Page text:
Thursday, January 3, 2008

The Raucous Caucus

Okay, since my blogpartner has done the same, I'll give you some completely uniformed predictions about Iowa. The standard caveats apply. I have no idea what I'm talking about. Nobody else does in Iowa either.

I've been pretty confident about calling this for Edwards, but I'm not so sure all of the sudden. The wind seems to have changed a bit and Obama seems to be closing strong. Or maybe he isn't, and Clinton is closing strong. Or maybe Edwards really IS going to take it. It's a crapshoot, and has been for months now. Edwards is the safest bet here, despite his lower national profile. He's basically lived in Iowa the past four years, made huge inroads with the traditional Dem power bases like the unions. The issue with John Edwards is what happens after Iowa. While he's more popular in New Hampshire then four years ago, he still lacks the money and base that his rivals have built. Clinton started with the most name recognition and is still the national frontrunner, but her Iowa machine has struggled. She counts former Governor Tom Vilsack amongst her most vociferous supporters (Tom is practically begging for the VP slot, lets be honest), and she has impressive supports amongst down strata dems, particularly non-college educated women. Obama is the only one here with any real transformative power. If the Des Moines Registrar is correct, and we see an influx of new voters, they will break for Obama. This is a risky strategy though; Iowa is very traditional and the caucus is difficult to break into. This nearly killed Howard Dean in 2004. Obama seems to be doing it the correct way though, focusing on Iowans, disregarding Dean's legions of outsiders. Obama is also helped by strength with “second-choicers”. Dennis Kucinich has already requested that his followers back Obama if he falls below the necessary 15% (and he will), and there are rumors that Biden and Richardson might do the same. Neither man has any particular love for Obama, but both have a better shot at the VP or Secretary of State jobs in an Obama administration than they do a Clinton Redux.

1-Obama – 27%
2-Edwards – 24%
3-Clinton – 23%
4-Chris Dodd – 16%

This would be a huge win for Obama, a disappointment for Edwards and a manageable-but-difficult loss for Clinton. The issue with Hilary Clinton is her chilly relations with the press. The MSM might be all to happy to pile on Clinton, and call this a much bigger loss than it actually is. I think Dodd is the most likely lower-tier candidate to break through. He's earned much cred with the base for his fight against the Telecom bill.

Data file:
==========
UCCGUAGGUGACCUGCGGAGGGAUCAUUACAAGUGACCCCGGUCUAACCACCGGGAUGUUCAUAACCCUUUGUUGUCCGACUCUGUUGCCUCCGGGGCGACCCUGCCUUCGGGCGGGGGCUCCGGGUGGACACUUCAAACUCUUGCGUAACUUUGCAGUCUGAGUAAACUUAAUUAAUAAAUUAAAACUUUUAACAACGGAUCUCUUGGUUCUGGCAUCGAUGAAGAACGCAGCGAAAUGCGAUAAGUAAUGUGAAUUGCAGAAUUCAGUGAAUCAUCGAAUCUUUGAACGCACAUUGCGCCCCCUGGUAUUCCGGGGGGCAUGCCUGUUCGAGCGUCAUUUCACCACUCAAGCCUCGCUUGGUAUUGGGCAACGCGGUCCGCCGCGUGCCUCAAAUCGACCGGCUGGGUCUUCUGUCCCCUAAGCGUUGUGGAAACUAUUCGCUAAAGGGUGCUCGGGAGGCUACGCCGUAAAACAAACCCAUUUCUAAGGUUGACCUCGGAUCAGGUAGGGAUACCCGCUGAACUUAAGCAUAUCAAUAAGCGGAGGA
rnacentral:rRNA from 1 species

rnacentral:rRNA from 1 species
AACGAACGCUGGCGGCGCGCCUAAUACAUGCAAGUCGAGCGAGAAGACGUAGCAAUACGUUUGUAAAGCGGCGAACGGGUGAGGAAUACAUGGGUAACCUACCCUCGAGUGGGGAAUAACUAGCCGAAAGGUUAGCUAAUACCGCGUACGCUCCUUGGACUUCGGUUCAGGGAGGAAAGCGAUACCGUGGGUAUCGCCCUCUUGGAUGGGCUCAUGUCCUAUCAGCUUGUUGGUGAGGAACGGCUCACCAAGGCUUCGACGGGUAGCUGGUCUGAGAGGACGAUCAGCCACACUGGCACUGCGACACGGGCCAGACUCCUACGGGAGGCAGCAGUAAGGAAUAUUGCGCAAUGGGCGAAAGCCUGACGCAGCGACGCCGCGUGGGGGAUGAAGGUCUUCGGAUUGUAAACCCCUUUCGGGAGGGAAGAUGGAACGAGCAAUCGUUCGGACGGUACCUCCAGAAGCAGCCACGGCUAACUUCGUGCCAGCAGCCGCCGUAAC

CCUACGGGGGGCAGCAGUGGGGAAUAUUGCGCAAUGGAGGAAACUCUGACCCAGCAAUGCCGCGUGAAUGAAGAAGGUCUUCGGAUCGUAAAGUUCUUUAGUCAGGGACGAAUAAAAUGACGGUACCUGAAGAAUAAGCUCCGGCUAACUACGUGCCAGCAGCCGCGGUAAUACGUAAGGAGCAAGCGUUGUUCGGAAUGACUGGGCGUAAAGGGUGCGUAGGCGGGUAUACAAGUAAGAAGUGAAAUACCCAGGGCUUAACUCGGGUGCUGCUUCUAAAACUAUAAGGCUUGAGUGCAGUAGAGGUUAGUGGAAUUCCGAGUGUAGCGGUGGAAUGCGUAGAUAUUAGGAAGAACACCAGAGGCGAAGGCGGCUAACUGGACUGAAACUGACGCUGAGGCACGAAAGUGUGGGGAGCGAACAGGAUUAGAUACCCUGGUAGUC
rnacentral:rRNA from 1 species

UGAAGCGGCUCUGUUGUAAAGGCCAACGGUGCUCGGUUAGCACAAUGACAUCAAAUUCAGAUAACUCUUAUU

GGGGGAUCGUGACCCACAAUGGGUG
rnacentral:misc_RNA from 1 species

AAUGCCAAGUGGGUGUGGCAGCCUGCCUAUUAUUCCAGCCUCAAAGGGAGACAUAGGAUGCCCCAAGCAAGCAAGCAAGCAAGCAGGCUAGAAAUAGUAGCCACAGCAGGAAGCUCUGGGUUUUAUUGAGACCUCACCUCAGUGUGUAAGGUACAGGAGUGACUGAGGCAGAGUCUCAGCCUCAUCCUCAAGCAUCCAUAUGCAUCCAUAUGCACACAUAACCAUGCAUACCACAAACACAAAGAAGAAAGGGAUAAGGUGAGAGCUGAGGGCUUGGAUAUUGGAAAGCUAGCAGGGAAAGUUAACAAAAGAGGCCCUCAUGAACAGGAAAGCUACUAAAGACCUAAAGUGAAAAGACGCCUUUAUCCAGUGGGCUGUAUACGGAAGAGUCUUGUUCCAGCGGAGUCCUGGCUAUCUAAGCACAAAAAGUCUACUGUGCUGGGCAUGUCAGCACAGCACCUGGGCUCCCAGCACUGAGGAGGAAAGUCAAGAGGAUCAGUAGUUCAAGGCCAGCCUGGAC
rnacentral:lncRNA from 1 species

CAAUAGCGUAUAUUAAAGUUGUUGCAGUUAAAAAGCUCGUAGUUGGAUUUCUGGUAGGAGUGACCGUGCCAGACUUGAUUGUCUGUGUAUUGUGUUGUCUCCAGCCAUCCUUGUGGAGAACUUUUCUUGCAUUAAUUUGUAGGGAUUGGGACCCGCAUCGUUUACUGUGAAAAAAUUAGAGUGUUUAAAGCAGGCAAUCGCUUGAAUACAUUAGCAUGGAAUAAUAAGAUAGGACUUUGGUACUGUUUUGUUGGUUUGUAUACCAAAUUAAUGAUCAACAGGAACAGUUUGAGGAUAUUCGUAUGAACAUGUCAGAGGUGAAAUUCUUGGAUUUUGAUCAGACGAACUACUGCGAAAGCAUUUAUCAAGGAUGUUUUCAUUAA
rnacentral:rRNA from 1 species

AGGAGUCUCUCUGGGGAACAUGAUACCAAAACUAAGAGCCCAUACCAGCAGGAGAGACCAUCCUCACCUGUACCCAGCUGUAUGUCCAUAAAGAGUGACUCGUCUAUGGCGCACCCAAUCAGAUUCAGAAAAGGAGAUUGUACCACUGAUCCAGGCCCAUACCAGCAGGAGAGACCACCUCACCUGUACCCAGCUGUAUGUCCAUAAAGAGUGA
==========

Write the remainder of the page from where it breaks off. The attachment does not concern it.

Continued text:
After soaring into the frontrunner spot, Mike Huckabee has, well, revealed himself to be... a bit of a moron. He's easily the nicest, most friendly Republican around, but damn... I would like a president who has a clue about where Pakistan is. Plus, this goofy “I'm going negative! No I'm not!” hat dance of the past week has damaged his standing with non-evangelical Republicans. There has been a turn away from the Huck the past couple days. Unfortunately for his main rival Mitt Romney, they haven't been turning to him. The Mitt, despite pouring vast amounts of money and time into Iowa, is still stuck in a duel with Huckabee, who's evangelical base won't go anywhere. There has been a surge toward John McCain, despite his spending minimal effort in Iowa. Throw in the expected end of Fred Thompson's campaign, and you have a bit of a mess.

1-Huckabee – 29%
2-Romney – 24%
3-McCain – 18%
4-Ron Paul – 10%

The problem with Mike Huckabee is that he's basically a one-note candidate. He's had difficulty pushing past his evangelical base, and he lacks the money and structure to expand his support. Win Iowa, lose Iowa, this is his peak. And yes, I'm well aware this statement is now guaranteed to bite me in the ass. Romney – the most patently insincere man ever considered by either party – is in trouble with a second in Iowa. The massive amount of resources expended will give the press something to harp on, and not a good something for Mitt. The winner in this scenario is McCain, who scores a solid third without much work involved. Couple this with a surge in New Hampshire and he might become the frontrunner again.

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